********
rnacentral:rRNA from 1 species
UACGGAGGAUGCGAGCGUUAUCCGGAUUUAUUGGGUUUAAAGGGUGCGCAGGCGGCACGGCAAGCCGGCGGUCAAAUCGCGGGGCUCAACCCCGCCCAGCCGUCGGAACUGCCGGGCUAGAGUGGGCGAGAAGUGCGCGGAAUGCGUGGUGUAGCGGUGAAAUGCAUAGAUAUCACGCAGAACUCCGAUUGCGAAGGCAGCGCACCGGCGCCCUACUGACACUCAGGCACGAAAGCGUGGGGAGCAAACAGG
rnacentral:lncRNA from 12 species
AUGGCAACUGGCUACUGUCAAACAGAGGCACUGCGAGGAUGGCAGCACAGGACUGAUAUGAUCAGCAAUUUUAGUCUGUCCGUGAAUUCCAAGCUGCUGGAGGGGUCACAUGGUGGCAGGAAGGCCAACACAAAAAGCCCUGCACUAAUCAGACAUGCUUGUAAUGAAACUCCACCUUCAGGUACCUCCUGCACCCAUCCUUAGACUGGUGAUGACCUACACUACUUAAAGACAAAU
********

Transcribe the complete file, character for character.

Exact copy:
rnacentral:rRNA from 1 species
UACGGAGGAUGCGAGCGUUAUCCGGAUUUAUUGGGUUUAAAGGGUGCGCAGGCGGCACGGCAAGCCGGCGGUCAAAUCGCGGGGCUCAACCCCGCCCAGCCGUCGGAACUGCCGGGCUAGAGUGGGCGAGAAGUGCGCGGAAUGCGUGGUGUAGCGGUGAAAUGCAUAGAUAUCACGCAGAACUCCGAUUGCGAAGGCAGCGCACCGGCGCCCUACUGACACUCAGGCACGAAAGCGUGGGGAGCAAACAGG
rnacentral:lncRNA from 12 species
AUGGCAACUGGCUACUGUCAAACAGAGGCACUGCGAGGAUGGCAGCACAGGACUGAUAUGAUCAGCAAUUUUAGUCUGUCCGUGAAUUCCAAGCUGCUGGAGGGGUCACAUGGUGGCAGGAAGGCCAACACAAAAAGCCCUGCACUAAUCAGACAUGCUUGUAAUGAAACUCCACCUUCAGGUACCUCCUGCACCCAUCCUUAGACUGGUGAUGACCUACACUACUUAAAGACAAAU